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The son of destruction
It is a term that appears only twice in the New Testament but has become one of several terms used by self-appointed “prophecy experts” to describe the ultimate end times villain. Synonymous with “the Antichrist,” “the Beast,” and “the man of lawlessness” is “the son of destruction” [or “perdition,” depending on your translation]. Based on the actual textual evidence, however, only the latter term, “the man of lawlessness,” is truly a synonym, for Paul uses the terms interchangeably in 2 Thessalonians 2:3. The only other reference to “the son of destruction” is John 17:12, a very obvious reference to Judas Iscariot, the Lord’s betrayer, during Jesus’ high priestly prayer. Paul’s reference seems much more obscure, leading many to create imaginative scenarios whereby an evil world dictator emerges and inflicts untold suffering on the world before finally being defeated by the returning Christ.
Kept in their proper context, however, both references to “the son of destruction” bear remarkable similarities. Jesus refers to Judas as “the son of destruction” in recognition of the fact that Judas will be the only one of the Twelve who is “lost” in order “that the Scripture might be fulfilled.” He will commit an act of rebellion, betraying Jesus into the hands of his enemies, setting in motion a series of events which culminate, after a period of suffering, in the vindication of Jesus and the undoing of his enemies.
The scenario John lays out in his Gospel, with Judas in the role of “the son of destruction,” is much the same as that laid out by Paul in 2 Thessalonians. Here, “the son of destruction,” also called “the man of lawlessness” and “the lawless one,” serves the same function as Judas. He commits an act of rebellion, setting in motion a series of events which culminate, after a period of suffering, in the vindication of “the Lord Jesus” who “will kill [the lawless one] with the breath of his mouth and bring to nothing by the appearance of his coming” (2:8).
In both instances, “the son of destruction” plays a pivotal role in setting in motion the classic biblical scenario of “the Day of the Lord,” a decisive moment in which God acts in the midst of human history, making plain the choice between good and evil, blessing and curse, life and death. It is the scenario that was first played out in the Garden of Eden when Adam and Eve committed an act of rebellion and set in motion the catastrophic series of events which could ultimately find resolution only in the coming of God’s Anointed One.
Both John and Paul were immersed in the apocalyptic worldview of first century Judaism. They were well acquainted with the numerous Old Testament references to “the Day of the Lord.” They were very intentional in connecting the events surrounding Jesus’ suffering, death, and resurrection with that promised decisive act of God in the midst of human history. God was, indeed, making all things new, reconciling the world to himself in Christ. But this glorious act of new creation was not yet complete. Paul is very careful to remind the Thessalonians of the tenuous time in which they were living. Just as he had with Adam and Eve in the Garden of Eden and with Judas in the Garden of Gethsemane, “the son of destruction” would raise his ugly head yet again. Whenever, wherever, and however that happens, though, the victorious Son of God and Son of Man will, as he did at Calvary, decisively crush him.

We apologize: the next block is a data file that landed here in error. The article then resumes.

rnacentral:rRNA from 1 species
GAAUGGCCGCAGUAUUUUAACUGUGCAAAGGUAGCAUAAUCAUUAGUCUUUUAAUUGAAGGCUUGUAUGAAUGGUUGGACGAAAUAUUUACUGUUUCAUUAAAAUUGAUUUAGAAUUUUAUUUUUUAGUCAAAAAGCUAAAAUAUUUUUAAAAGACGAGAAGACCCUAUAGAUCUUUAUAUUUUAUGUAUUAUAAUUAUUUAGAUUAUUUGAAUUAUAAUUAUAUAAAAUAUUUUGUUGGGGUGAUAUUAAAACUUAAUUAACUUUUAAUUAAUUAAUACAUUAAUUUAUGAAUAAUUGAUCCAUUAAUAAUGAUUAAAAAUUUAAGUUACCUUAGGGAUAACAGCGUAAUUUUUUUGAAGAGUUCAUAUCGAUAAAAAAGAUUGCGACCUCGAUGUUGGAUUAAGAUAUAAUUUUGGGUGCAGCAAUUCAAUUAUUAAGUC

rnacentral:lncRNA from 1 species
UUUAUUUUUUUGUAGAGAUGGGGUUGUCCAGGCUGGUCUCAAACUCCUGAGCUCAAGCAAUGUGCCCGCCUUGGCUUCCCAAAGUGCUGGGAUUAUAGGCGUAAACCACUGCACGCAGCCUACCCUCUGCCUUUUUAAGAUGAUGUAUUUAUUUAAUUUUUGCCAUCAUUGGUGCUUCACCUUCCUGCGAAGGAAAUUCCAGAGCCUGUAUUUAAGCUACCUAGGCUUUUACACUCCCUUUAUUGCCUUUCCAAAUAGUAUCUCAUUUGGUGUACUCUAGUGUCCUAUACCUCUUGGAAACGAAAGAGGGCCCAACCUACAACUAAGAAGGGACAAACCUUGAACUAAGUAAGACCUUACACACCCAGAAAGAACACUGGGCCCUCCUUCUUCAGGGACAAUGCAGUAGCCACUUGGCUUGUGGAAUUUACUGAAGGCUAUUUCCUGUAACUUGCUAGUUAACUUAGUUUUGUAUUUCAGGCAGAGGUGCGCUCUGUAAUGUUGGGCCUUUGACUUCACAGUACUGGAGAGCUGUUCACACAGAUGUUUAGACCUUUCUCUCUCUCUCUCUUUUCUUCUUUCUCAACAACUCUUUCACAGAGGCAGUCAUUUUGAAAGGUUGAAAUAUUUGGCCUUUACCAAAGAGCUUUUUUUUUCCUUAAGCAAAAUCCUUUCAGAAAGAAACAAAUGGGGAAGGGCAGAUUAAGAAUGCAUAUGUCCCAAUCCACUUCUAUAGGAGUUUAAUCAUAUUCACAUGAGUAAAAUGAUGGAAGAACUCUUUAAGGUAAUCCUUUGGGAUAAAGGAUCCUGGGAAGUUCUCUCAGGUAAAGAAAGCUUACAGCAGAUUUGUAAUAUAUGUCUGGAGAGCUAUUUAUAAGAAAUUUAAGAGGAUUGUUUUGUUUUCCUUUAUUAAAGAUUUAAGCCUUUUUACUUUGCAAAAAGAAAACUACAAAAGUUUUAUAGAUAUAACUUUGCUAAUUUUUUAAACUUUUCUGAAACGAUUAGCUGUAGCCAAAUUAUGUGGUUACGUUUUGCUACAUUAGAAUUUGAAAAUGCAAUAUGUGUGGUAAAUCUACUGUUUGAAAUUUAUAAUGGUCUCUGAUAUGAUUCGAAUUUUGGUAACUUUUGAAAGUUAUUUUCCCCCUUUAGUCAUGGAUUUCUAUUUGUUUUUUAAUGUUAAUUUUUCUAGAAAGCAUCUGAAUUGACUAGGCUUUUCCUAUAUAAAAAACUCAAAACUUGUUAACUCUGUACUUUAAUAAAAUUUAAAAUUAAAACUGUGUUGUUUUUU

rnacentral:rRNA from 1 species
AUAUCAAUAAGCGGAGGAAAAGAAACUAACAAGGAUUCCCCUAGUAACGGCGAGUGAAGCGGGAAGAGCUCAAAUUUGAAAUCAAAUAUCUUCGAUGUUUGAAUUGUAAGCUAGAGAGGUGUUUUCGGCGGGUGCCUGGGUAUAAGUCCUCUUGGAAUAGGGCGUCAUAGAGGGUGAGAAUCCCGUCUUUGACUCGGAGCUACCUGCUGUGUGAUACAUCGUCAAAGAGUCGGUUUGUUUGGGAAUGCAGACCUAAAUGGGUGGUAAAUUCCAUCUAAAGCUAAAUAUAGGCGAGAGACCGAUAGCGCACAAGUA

Lent is about recovering the joy that we lost
“The source of false religion,” writes the late Orthodox priest Alexander Schmeman, “is the inability to rejoice, or, rather, the refusal of joy, whereas joy is absolutely essential because it is without any doubt the fruit of God’s presence. One cannot know that God exists and not rejoice. Only in relation to joy are the fear of God and humility correct, genuine, fruitful. Outside of joy, they become demonic, the deepest distortion of any religious experience. A religion of fear. Religion of pseudo-humility. Religion of guilt. They are all temptations, traps—very strong indeed, not only in the world, but inside the Church. Somehow ‘religious’ people often look on joy with suspicion.”
Fr. Schmeman continues, “The first, the main source of everything is ‘my soul rejoices in the Lord…’ The fear of sin does not save from sin. Joy in the Lord saves. A feeling of guilt or moralism does not liberate from the world and its temptations. Joy is the foundation of freedom, where we are called to stand. Where, how, when has this tonality of Christianity become distorted, dull—or rather, where, how, why have Christians become deaf to joy? How, when and why, instead of freeing suffering people, did the Church come to sadistically intimidate and frighten them?”
This may sound like an odd admonition as we approach the first Sunday in Lent, the beginning of that penitential season when we tone down some of the more joyful aspects of worship and focus more on those wrong attitudes and bad habits of which we need to repent and from which we need to turn away.
But it really shouldn’t sound so odd. For what is the purpose of all these Lenten disciplines, if not the restoration of true religion, which has, at its very center, the joy of the Lord?